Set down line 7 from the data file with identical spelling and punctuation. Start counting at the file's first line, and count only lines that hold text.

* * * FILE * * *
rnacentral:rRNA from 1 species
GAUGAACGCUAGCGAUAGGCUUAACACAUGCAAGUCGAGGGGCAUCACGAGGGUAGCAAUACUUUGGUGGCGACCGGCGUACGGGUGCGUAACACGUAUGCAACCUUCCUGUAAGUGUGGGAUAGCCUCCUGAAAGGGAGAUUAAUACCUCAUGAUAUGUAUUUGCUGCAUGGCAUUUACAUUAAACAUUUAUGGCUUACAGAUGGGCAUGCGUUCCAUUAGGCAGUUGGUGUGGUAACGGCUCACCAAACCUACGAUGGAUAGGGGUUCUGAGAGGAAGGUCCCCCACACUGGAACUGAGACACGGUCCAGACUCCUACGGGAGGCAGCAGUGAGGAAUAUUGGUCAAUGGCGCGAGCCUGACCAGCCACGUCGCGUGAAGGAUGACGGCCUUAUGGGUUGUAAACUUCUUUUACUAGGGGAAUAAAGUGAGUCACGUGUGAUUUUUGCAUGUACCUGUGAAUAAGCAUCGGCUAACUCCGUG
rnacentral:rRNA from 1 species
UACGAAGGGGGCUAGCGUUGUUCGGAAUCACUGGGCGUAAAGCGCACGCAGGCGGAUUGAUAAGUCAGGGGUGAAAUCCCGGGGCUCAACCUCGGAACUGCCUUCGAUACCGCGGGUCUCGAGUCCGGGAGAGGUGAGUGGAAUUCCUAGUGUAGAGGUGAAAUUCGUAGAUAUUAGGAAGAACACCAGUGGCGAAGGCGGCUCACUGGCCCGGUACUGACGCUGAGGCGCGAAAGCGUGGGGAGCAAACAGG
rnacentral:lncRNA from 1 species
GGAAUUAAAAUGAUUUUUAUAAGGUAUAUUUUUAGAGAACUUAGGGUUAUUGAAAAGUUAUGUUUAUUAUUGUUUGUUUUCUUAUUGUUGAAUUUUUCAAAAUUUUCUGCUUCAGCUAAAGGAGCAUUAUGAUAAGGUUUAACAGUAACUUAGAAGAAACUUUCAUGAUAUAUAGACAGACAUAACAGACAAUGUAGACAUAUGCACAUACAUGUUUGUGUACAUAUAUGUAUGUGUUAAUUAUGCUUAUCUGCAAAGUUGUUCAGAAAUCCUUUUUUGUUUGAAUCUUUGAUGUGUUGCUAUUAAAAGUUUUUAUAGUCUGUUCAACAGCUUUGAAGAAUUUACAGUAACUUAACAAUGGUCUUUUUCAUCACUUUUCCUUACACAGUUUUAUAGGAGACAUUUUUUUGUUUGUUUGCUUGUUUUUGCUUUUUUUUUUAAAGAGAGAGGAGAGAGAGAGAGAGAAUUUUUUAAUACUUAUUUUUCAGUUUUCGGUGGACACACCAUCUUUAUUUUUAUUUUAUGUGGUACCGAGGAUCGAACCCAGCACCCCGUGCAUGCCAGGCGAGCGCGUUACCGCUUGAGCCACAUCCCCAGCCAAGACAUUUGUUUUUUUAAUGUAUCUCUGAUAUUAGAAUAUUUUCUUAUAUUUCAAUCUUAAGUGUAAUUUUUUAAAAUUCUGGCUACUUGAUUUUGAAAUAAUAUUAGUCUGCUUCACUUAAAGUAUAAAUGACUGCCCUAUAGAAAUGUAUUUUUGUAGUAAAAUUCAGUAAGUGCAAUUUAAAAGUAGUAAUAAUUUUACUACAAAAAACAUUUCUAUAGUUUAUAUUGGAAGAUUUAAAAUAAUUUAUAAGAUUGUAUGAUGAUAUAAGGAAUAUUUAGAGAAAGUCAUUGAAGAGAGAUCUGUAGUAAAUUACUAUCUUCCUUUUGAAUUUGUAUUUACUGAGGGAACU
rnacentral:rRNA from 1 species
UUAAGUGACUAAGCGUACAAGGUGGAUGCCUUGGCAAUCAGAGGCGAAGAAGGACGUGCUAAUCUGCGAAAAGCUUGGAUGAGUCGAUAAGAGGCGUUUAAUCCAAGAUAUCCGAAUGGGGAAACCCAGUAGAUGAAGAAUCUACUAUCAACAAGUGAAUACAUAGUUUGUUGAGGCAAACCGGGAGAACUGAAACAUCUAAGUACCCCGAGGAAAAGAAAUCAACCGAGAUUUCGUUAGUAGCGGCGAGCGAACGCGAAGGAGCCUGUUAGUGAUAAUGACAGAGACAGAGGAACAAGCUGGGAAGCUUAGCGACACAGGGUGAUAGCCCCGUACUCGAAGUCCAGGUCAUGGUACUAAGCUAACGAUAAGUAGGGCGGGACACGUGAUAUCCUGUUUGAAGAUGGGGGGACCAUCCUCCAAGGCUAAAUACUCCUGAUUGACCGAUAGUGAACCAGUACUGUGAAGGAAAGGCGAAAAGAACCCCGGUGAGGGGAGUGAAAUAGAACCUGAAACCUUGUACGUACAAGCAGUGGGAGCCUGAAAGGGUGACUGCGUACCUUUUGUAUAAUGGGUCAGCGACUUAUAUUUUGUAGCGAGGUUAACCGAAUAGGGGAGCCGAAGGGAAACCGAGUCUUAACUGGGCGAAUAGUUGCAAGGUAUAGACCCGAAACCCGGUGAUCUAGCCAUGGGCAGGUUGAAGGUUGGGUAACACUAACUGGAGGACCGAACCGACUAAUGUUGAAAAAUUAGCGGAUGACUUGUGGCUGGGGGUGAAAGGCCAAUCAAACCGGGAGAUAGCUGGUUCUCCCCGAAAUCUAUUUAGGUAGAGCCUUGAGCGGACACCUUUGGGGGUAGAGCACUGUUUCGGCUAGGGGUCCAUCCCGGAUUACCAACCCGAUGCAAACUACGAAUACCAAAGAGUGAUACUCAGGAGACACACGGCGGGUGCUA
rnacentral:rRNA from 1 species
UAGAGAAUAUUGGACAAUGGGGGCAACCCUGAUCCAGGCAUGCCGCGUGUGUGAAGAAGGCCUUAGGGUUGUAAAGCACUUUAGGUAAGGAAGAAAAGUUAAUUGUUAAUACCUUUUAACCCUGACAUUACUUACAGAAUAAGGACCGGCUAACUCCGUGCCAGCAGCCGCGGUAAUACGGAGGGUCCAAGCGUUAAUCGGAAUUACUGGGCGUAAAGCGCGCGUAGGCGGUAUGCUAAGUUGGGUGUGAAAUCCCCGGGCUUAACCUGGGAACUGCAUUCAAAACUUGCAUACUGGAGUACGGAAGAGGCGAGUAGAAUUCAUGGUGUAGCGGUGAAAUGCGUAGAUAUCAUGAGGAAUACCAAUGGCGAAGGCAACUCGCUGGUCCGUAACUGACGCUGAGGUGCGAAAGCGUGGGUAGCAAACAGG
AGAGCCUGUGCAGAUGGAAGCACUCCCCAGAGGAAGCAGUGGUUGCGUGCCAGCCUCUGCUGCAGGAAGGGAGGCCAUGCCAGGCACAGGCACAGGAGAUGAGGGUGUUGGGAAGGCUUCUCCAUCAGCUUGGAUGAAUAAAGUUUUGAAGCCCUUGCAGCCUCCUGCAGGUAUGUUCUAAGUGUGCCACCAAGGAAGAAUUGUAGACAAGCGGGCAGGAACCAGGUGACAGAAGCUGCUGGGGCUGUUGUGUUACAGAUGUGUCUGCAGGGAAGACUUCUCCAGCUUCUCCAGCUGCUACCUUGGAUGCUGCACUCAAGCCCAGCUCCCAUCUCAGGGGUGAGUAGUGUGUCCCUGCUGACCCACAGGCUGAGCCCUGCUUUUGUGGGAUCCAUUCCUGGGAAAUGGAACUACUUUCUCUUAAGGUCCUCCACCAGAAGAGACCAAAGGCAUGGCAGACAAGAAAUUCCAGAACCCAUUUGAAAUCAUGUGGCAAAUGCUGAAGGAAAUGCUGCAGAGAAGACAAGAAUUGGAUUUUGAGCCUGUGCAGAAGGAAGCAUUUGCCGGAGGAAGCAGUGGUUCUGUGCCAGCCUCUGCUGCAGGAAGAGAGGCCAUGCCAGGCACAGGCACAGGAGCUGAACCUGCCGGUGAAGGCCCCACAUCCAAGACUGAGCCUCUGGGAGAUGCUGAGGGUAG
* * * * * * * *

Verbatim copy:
rnacentral:rRNA from 1 species